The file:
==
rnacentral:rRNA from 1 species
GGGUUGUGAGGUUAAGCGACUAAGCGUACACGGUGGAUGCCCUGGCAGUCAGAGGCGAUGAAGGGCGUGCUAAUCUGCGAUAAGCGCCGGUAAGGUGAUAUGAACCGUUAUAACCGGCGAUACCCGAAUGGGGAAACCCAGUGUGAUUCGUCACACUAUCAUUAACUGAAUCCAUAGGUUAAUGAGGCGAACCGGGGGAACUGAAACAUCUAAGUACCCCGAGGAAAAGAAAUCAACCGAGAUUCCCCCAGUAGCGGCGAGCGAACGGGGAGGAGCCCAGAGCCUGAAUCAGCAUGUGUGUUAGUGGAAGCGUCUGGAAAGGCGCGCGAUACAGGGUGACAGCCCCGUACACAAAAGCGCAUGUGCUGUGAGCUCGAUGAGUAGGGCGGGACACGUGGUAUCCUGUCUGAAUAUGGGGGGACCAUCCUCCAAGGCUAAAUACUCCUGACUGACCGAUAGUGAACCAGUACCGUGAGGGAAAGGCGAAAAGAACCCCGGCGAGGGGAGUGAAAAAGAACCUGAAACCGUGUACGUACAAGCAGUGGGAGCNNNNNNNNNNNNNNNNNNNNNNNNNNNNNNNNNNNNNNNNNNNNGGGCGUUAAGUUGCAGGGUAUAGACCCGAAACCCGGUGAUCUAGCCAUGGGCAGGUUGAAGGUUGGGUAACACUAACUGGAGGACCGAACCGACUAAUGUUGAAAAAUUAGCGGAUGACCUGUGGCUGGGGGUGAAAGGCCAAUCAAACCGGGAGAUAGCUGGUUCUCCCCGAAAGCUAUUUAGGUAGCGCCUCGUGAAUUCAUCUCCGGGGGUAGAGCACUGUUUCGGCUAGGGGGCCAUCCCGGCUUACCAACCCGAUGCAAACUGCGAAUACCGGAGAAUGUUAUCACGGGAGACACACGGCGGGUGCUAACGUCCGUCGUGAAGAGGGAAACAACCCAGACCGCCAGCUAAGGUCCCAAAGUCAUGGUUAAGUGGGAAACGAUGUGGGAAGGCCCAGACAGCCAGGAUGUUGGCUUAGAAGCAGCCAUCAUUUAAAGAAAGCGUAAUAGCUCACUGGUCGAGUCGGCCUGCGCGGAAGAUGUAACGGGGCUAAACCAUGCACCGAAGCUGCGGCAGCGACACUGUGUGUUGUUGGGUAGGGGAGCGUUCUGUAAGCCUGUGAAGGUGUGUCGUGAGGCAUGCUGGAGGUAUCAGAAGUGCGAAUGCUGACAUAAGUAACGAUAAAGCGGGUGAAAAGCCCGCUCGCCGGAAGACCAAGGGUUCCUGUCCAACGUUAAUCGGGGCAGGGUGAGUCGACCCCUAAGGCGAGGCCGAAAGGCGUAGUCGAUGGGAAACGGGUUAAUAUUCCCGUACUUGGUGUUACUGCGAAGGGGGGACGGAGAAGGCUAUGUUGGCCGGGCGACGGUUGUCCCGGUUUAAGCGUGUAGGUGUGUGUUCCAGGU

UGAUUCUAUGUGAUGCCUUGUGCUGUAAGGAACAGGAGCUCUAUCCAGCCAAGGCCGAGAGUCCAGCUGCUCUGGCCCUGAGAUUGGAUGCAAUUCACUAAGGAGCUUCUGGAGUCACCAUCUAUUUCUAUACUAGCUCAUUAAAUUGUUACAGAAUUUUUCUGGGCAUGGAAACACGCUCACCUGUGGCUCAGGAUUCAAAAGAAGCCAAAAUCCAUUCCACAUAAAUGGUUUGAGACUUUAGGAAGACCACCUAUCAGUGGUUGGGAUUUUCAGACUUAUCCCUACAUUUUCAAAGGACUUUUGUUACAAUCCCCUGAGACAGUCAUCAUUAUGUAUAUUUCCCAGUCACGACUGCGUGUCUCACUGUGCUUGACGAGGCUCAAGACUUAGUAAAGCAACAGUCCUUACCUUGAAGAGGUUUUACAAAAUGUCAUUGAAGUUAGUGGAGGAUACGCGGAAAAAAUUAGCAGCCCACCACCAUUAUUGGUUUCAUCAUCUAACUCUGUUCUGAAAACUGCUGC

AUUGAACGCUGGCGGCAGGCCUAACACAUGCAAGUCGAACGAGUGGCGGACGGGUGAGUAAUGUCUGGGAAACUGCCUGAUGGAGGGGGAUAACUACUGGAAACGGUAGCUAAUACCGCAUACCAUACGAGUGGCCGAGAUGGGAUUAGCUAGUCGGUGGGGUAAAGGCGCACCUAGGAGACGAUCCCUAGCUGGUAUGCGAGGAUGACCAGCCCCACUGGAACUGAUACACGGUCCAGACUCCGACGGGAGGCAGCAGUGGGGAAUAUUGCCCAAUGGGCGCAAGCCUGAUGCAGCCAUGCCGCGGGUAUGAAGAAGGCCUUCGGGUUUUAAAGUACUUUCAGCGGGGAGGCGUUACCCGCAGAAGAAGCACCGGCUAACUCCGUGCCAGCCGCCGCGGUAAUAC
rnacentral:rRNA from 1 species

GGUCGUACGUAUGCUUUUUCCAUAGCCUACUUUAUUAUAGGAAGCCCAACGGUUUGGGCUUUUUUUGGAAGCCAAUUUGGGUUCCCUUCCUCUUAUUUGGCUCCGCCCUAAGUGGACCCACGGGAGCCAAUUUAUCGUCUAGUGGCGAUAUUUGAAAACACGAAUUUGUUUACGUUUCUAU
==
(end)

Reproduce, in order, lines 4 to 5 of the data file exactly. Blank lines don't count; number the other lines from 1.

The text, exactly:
AUUGAACGCUGGCGGCAGGCCUAACACAUGCAAGUCGAACGAGUGGCGGACGGGUGAGUAAUGUCUGGGAAACUGCCUGAUGGAGGGGGAUAACUACUGGAAACGGUAGCUAAUACCGCAUACCAUACGAGUGGCCGAGAUGGGAUUAGCUAGUCGGUGGGGUAAAGGCGCACCUAGGAGACGAUCCCUAGCUGGUAUGCGAGGAUGACCAGCCCCACUGGAACUGAUACACGGUCCAGACUCCGACGGGAGGCAGCAGUGGGGAAUAUUGCCCAAUGGGCGCAAGCCUGAUGCAGCCAUGCCGCGGGUAUGAAGAAGGCCUUCGGGUUUUAAAGUACUUUCAGCGGGGAGGCGUUACCCGCAGAAGAAGCACCGGCUAACUCCGUGCCAGCCGCCGCGGUAAUAC
rnacentral:rRNA from 1 species